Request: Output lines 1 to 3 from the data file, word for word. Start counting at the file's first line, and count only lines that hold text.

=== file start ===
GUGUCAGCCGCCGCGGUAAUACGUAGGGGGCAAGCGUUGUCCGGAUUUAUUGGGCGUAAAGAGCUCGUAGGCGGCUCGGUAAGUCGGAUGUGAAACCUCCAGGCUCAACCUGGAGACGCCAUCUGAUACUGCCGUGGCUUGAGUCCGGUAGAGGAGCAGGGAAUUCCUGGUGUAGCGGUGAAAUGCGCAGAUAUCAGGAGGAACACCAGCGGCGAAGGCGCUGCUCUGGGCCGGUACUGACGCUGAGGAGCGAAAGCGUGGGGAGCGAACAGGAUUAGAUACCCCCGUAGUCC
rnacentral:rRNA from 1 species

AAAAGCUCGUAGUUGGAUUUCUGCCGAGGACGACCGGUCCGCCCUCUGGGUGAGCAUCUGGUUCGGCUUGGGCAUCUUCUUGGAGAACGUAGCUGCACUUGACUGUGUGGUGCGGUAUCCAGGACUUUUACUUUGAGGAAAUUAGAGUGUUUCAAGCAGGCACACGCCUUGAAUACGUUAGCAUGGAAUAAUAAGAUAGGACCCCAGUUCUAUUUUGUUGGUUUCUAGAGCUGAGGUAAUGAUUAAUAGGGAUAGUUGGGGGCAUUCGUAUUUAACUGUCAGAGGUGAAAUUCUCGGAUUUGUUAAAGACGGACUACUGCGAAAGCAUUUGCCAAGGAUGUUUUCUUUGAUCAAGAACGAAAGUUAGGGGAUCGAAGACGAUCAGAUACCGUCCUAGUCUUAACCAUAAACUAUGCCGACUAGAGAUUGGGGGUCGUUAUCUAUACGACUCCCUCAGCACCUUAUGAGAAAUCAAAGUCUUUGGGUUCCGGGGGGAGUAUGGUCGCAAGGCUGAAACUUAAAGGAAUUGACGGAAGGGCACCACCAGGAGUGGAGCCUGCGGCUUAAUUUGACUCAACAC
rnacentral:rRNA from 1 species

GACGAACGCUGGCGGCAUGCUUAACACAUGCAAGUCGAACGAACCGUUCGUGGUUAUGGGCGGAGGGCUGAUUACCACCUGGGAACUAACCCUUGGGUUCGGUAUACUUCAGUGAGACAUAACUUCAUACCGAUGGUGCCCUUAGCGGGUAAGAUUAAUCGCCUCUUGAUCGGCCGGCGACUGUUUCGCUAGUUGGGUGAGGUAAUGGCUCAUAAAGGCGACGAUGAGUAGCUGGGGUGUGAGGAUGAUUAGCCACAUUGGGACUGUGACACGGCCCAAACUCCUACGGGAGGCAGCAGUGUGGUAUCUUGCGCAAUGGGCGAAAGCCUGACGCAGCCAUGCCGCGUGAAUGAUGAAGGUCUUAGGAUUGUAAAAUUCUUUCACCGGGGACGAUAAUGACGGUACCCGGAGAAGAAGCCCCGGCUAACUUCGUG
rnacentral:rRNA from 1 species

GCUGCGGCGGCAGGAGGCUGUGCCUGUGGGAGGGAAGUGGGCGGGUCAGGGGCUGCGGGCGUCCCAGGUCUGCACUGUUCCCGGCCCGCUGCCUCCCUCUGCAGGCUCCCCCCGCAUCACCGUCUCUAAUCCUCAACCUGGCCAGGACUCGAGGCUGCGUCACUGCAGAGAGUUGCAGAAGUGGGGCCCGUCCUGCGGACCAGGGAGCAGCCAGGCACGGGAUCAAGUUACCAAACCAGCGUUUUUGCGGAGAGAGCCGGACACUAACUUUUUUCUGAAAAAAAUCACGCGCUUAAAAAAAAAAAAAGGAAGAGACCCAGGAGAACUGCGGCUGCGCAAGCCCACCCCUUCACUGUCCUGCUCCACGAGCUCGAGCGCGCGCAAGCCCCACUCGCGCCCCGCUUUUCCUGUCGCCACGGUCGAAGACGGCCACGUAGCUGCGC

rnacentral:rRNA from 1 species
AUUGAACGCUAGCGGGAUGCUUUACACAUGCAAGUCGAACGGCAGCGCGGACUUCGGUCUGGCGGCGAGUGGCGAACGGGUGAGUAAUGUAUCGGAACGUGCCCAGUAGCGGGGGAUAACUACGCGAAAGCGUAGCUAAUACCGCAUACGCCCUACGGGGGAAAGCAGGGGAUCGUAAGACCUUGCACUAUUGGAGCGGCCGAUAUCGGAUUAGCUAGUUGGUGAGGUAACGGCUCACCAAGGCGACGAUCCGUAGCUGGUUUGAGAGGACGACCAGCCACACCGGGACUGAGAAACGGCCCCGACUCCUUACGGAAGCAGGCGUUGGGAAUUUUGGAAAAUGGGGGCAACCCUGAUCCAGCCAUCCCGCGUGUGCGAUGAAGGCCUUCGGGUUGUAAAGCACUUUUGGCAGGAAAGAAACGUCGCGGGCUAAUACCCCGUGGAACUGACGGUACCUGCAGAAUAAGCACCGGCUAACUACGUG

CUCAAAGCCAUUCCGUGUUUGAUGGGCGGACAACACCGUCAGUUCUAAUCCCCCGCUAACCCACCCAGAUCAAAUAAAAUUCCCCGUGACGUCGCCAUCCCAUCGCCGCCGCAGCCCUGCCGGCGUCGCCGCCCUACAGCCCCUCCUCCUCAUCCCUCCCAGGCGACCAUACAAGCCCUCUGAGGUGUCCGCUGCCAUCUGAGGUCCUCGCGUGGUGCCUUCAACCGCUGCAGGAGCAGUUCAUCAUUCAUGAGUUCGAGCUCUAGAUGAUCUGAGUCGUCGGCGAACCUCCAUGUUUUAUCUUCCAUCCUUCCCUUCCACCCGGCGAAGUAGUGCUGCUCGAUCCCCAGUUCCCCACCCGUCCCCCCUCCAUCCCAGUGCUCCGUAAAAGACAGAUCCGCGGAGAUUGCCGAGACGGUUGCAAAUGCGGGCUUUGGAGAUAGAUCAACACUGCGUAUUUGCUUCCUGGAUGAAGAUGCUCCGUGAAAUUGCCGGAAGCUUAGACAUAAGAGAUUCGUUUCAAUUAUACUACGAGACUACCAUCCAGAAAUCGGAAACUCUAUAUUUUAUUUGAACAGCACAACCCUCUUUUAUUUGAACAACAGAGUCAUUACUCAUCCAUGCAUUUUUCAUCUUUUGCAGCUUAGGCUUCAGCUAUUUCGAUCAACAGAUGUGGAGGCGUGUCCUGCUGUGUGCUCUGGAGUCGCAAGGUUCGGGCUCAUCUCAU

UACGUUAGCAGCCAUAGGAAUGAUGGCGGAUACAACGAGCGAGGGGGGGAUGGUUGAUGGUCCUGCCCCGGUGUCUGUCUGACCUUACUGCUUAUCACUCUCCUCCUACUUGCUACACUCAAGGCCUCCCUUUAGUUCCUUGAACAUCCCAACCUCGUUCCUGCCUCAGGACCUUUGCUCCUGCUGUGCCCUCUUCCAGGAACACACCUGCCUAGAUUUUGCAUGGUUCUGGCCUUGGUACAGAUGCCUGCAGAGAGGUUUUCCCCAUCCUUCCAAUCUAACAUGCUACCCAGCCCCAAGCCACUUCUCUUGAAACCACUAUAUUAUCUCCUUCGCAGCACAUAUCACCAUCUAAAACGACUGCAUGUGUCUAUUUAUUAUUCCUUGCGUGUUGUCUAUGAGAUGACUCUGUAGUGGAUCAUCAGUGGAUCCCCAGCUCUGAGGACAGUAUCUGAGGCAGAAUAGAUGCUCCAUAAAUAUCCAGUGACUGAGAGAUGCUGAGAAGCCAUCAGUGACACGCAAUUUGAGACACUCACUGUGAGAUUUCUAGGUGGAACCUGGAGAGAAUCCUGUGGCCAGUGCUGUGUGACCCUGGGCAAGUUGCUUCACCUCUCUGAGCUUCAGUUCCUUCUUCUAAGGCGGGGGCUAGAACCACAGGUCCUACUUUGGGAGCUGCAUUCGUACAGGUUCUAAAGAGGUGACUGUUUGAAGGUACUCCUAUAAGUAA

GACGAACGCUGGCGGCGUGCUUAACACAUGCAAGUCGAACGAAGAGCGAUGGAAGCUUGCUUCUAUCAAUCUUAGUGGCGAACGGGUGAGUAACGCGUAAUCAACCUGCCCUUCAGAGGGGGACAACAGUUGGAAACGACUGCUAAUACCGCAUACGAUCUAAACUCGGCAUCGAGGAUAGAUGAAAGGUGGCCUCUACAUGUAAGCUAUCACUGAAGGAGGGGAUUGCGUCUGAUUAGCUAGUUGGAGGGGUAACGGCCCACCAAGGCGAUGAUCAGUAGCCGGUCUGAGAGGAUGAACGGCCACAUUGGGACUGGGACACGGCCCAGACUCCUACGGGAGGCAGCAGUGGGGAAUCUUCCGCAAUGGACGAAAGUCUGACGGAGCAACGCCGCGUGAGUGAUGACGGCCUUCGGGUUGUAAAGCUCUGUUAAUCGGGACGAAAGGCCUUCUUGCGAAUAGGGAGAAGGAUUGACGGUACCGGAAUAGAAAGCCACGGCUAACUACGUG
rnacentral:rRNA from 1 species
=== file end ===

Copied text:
GUGUCAGCCGCCGCGGUAAUACGUAGGGGGCAAGCGUUGUCCGGAUUUAUUGGGCGUAAAGAGCUCGUAGGCGGCUCGGUAAGUCGGAUGUGAAACCUCCAGGCUCAACCUGGAGACGCCAUCUGAUACUGCCGUGGCUUGAGUCCGGUAGAGGAGCAGGGAAUUCCUGGUGUAGCGGUGAAAUGCGCAGAUAUCAGGAGGAACACCAGCGGCGAAGGCGCUGCUCUGGGCCGGUACUGACGCUGAGGAGCGAAAGCGUGGGGAGCGAACAGGAUUAGAUACCCCCGUAGUCC
rnacentral:rRNA from 1 species

AAAAGCUCGUAGUUGGAUUUCUGCCGAGGACGACCGGUCCGCCCUCUGGGUGAGCAUCUGGUUCGGCUUGGGCAUCUUCUUGGAGAACGUAGCUGCACUUGACUGUGUGGUGCGGUAUCCAGGACUUUUACUUUGAGGAAAUUAGAGUGUUUCAAGCAGGCACACGCCUUGAAUACGUUAGCAUGGAAUAAUAAGAUAGGACCCCAGUUCUAUUUUGUUGGUUUCUAGAGCUGAGGUAAUGAUUAAUAGGGAUAGUUGGGGGCAUUCGUAUUUAACUGUCAGAGGUGAAAUUCUCGGAUUUGUUAAAGACGGACUACUGCGAAAGCAUUUGCCAAGGAUGUUUUCUUUGAUCAAGAACGAAAGUUAGGGGAUCGAAGACGAUCAGAUACCGUCCUAGUCUUAACCAUAAACUAUGCCGACUAGAGAUUGGGGGUCGUUAUCUAUACGACUCCCUCAGCACCUUAUGAGAAAUCAAAGUCUUUGGGUUCCGGGGGGAGUAUGGUCGCAAGGCUGAAACUUAAAGGAAUUGACGGAAGGGCACCACCAGGAGUGGAGCCUGCGGCUUAAUUUGACUCAACAC